It hasn’t snowed for a whole day, so I hereby declare the gardening season begun. Spent the day raking leaves off my flowerbeds. Every fall, I pile leaves on, in part to give some extra winter protection and partially in hope that they’ll miraculously rot over the winter and enrich the sandy, acidic, and starved soil. A vain hope. They’re mostly Norway Maple, and those do not break down at any great rate. What they mostly do is keep the sheep-sorrel and slugs and evil scarlet lily beetles cosy. (Note that these are not my Norway Maples, except one. There’s what I shall call a copse of the plague-tree south of Next Door and me, and thus our adjoining backyards are mostly within what he calls the Moss Line. We foregather in the gardens — our boundaries blur a bit, though we know where they are — to contemplate things that are supposed to grow in shade, and then we conclude that most ‘shade garden’ books mean elegant, daintily-dappled shade. Not the northern edge of a g.d. greedy-rooted Norway Maple forest. Technically, I think about a quarter of my garden is what is called a blanket-bog — a skin of sphagnum over sand.)

Winter Aconite

Winter Aconite – Eranthis hyemalis

But that’s a rant for another day. (I don’t object to shade gardens, or blanket-bogs. I would just like more room for my roses and peonies and fruit.)

Snowdrops in snow


I have just written on my calendar for October, “Do not pile so many leaves on the flowerbeds.” The crocuses, obeying some inner clock, always come up beneath them and end up rather squiggly and unhappy, which is a waste of a good crocus. The only thing I have that really needs covered is a Bassimo rose, which is borderline hardy here in Zone 5a. Any part of it above the snow dies — which means it would have died this year, if I hadn’t covered it. But really, that’s all that needs the leaf-heaping.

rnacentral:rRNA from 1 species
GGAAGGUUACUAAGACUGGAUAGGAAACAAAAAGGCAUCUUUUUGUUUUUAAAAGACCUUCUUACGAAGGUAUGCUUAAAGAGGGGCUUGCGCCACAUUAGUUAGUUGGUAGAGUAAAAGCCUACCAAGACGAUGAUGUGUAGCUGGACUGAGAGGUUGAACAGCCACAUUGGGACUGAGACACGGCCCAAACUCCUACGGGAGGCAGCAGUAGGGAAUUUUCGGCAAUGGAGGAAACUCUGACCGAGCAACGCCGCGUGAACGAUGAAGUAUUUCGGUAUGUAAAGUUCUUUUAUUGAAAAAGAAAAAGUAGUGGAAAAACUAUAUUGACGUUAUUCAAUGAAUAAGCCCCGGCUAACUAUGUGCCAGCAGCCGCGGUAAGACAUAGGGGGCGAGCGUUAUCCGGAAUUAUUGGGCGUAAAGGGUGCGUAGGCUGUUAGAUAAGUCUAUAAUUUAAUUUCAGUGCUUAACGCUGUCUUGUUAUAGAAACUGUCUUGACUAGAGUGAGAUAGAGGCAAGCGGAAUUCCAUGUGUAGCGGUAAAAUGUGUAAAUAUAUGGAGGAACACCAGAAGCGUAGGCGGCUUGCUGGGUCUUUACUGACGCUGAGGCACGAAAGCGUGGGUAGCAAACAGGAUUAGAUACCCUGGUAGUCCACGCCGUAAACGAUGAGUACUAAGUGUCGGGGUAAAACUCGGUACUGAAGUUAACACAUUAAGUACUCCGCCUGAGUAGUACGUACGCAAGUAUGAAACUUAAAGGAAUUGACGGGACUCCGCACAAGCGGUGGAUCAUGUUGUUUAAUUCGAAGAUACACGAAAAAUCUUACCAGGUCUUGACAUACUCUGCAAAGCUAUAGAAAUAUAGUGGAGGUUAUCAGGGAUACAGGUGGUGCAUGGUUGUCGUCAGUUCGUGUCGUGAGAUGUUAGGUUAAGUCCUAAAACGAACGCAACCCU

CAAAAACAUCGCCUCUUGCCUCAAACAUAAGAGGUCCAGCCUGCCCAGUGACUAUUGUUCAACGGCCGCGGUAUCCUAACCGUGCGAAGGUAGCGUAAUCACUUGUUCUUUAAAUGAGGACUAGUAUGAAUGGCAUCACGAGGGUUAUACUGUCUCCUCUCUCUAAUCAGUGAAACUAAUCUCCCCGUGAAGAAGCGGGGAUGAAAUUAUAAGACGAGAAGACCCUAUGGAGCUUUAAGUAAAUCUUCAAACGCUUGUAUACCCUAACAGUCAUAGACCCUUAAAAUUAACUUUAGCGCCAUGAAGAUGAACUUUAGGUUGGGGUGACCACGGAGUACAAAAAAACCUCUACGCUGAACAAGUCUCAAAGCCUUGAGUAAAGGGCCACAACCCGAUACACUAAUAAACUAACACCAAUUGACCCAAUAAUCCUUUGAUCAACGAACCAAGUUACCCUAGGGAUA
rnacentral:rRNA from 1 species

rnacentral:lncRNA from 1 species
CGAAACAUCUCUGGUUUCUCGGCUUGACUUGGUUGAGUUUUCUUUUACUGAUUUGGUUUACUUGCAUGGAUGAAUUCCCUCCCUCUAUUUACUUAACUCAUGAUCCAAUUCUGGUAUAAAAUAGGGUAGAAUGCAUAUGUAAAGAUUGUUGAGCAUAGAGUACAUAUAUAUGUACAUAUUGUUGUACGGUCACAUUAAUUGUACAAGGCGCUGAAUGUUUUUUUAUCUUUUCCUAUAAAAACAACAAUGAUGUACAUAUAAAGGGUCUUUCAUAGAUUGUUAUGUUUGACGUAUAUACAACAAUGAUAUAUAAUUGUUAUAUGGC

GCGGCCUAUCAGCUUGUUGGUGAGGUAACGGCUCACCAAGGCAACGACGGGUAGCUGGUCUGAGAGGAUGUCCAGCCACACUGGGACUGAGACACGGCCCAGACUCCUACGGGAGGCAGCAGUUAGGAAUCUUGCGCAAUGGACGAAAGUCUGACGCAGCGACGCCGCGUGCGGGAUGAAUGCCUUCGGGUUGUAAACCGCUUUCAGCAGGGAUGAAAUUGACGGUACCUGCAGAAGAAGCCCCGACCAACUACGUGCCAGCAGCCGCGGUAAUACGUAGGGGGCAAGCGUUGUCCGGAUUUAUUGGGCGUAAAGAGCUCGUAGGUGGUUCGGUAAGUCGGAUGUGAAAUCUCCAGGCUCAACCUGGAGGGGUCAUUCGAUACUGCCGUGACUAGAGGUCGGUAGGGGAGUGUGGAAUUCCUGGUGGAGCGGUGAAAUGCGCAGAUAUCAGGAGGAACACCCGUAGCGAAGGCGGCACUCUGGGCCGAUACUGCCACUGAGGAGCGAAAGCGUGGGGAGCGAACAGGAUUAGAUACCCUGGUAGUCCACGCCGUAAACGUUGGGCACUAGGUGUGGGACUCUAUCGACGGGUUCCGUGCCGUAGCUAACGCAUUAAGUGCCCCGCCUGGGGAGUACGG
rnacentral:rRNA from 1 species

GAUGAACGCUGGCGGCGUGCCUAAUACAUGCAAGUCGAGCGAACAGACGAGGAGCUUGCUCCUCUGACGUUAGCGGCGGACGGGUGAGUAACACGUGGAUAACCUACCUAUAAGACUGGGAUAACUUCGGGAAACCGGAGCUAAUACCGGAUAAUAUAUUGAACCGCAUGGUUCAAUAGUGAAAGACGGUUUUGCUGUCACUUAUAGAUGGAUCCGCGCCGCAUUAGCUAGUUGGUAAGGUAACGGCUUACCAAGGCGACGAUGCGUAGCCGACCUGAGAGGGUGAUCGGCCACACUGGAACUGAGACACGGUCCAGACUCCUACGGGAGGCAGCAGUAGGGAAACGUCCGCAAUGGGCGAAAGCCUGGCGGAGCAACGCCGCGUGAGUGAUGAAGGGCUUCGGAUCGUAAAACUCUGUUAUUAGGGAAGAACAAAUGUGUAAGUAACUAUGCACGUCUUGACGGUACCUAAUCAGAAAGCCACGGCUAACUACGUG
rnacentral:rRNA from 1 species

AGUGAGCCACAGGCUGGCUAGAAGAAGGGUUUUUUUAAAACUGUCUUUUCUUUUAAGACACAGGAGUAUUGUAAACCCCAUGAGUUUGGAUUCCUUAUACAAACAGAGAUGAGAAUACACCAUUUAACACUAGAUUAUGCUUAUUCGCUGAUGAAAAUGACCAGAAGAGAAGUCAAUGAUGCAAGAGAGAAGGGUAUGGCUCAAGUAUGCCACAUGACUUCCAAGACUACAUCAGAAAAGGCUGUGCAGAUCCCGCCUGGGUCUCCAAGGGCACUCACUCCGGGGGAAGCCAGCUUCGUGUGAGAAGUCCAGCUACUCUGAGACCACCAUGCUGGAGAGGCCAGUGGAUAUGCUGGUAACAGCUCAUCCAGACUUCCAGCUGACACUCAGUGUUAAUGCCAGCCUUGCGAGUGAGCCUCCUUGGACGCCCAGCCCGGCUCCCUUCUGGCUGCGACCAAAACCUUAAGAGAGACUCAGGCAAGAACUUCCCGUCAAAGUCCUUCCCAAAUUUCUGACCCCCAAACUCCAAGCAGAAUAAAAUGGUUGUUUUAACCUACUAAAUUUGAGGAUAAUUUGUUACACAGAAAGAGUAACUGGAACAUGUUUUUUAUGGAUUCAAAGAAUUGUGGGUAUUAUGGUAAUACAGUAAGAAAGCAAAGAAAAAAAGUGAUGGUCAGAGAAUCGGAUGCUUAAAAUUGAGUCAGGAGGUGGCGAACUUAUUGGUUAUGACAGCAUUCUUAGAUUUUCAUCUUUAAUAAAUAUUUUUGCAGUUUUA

Crocus siebarii 'Tricolour'

Crocus siebarii ‘Tricolour’

Removing leaves, removing the anti-girdling-by-mice white wraps from the apples and pears, is also a time to take inventory. Alas, my new Goldbusch rose seems to have perished, but it was very sickly all summer, too. It’s hardy to 4b, so it wasn’t the winter that got it. I bought it at Cornhill and they’re generally good about replacing things that die for no good reason, so if it doesn’t send up a shoot — it’s on its own roots — I’ll have to mention it to them. On the positive side, it looks to my inexpert eye as though all five apples look as though they have fruiting buds this year. (Five or more if you count the fact that the two I grafted myself have branches of the rootstock left intact.) It will be really interesting to see what Pippin’s Pippin, a seedling named in honour of my late dog, the real Pippin of “Pippin and Mabel” fame, turns out like.

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Mr Wicked’s Leap Day Adventure

So, Leap Day … I’m all for leaping, especially if the humans let me run free, free, free … which they don’t very often because I’m an EvilWickedHusky and also full of German Shepherd brains, which means I think about things. Like, yes, you want me to come back but I want to sniff this thing over here and maybe eat it, so first I’ll sniff and maybe snack. Then I’ll come back. You just be patient and wait. (You shouldn’t have taught me the concept of “first … then …” if you didn’t want me to apply it. Oh. Do I have to stay on my rope the whole time?)

White down in a brown field, with blue sky and some red dogwood.

This is me, and I am outstanding in my field. Aren’t I handsome? (I certainly am, and I know it. )

But yesterday it was like Spring, even though it was Winter, and we went for an Adventure to the place we get to go in Summer. We drove and we drove and we drove … and there was the ferry. You don’t drive on ferries. You sit and say “Grr” out the window at the ferry-guy, because he’s walking up and down the ferry in a Suspicious Manner. He’s up to something. Why do the humans always roll my window up?